The US Supreme Court [official website] ruled unanimously Wednesday in Millbrook v. US [opinion, PDF; JURIST report] that the Federal Tort Claims Act (FTCA) [28 USC § 1346] and exceptions [28 USC § 2680(h)] to it, waive the immunity of prison guards who commit intentional torts that are within the scope of their authority. The text of 28 USC § 2680 lists exceptions for which the FTCA will not compel immunity, and (h) includes: "Any claim arising out of assault, battery, false imprisonment, false arrest, malicious prosecution, abuse of process, libel, slander, misrepresentation, deceit, or interference with contract rights ... 'investigative or law enforcement officer' means any officer of the United States who is empowered by law to execute searches, to seize evidence, or to make arrests for violations of Federal law." The court held that this includes correctional officers, and they do not have to be in the process of of executing a search, seizing evidence, or making an arrest to be liable for an intentional tort. Justice Clarence Thomas delivered the opinion of the court:
The FTCA's only reference to "searches," "seiz[ures of] evidence," and "arrests" is found in the statutory definition of "investigative or law enforcement officer." By its terms, this provision focuses on the status of persons whose conduct may be actionable, not the types of activities that may give rise to a tort claim against the United States. The proviso thus distinguishes between the acts for which immunity is waived (e.g., assault and battery), and the class of persons whose acts may give rise to an actionable FTCA claim. The plain text confirms that Congress intended immunity determinations to depend on a federal officer's legal authority, not on a particular exercise of that authority. Consequently, there is no basis for concluding that a law enforcement officer's intentional tort must occur in the course of executing a search, seizing evidence, or making an arrest in order to subject the United States to liability.The court settled a circuit split on the issue and reversed [opinion] a grant of summary judgment by the US Court of Appeals for the Third Circuit.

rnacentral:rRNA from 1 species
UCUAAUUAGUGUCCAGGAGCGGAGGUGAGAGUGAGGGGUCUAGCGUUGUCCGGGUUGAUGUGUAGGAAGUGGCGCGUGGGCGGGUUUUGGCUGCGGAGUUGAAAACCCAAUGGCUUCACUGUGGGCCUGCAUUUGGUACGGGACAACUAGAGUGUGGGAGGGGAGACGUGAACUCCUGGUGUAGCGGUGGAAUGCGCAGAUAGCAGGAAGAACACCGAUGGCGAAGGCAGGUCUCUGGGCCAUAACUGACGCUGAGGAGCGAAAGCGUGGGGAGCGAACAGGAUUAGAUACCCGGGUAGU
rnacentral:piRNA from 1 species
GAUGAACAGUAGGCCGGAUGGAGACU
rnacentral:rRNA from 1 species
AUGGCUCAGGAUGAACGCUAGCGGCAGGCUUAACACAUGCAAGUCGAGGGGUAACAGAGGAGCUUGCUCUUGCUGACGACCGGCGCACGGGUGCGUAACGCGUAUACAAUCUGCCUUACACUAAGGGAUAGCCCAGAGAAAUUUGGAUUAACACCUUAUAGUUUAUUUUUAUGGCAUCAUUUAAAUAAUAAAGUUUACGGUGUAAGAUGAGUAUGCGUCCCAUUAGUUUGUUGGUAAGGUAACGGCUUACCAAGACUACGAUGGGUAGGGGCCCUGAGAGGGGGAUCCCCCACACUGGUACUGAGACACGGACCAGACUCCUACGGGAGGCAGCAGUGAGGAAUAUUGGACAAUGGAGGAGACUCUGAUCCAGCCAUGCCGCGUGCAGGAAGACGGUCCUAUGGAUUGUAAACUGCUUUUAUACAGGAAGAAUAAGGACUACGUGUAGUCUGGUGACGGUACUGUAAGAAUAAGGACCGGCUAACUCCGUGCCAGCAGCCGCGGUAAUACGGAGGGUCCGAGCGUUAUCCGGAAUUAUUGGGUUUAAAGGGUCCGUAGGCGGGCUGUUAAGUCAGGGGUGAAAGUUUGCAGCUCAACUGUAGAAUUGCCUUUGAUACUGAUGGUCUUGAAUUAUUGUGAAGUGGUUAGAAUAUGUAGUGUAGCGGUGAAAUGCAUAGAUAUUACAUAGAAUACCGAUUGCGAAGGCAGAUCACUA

Kim Millbrook is an inmate at the US Penitentiary, Lewisburg, Pennsylvania, and alleged that several male correctional officers sexually assaulted him. His suit will now be able to proceed on its merits. His attorney praised the decision [NPR report] and suggested the reality that FTCA could provide damage awards for Federal prisoners will decreases instances of prisoner abuse. Millbrook's attorney was appointed after cert was granted, as Millbrook filed in forma pauperis and hand wrote his certiorari petition [cert. petition].